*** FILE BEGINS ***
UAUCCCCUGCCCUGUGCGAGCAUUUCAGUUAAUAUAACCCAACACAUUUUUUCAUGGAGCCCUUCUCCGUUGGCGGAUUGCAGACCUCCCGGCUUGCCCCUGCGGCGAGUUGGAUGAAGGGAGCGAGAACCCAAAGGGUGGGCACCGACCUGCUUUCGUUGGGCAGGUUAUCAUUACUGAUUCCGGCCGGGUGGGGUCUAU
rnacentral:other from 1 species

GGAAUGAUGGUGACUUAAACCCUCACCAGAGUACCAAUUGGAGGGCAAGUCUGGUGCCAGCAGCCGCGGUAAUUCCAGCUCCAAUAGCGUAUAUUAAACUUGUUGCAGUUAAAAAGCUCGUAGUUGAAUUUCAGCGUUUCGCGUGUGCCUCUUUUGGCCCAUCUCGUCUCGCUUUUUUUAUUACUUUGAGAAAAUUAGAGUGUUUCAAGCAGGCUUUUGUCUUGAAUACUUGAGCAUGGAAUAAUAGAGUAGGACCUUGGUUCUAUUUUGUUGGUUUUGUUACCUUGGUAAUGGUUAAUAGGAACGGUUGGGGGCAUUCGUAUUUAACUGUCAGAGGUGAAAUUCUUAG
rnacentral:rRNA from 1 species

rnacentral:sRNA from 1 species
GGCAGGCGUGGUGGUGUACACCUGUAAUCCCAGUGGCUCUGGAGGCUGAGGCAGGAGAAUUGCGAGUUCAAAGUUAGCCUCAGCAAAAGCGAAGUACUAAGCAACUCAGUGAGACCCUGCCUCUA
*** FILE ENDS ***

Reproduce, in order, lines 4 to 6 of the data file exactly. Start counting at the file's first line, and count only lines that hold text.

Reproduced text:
rnacentral:rRNA from 1 species

rnacentral:sRNA from 1 species
GGCAGGCGUGGUGGUGUACACCUGUAAUCCCAGUGGCUCUGGAGGCUGAGGCAGGAGAAUUGCGAGUUCAAAGUUAGCCUCAGCAAAAGCGAAGUACUAAGCAACUCAGUGAGACCCUGCCUCUA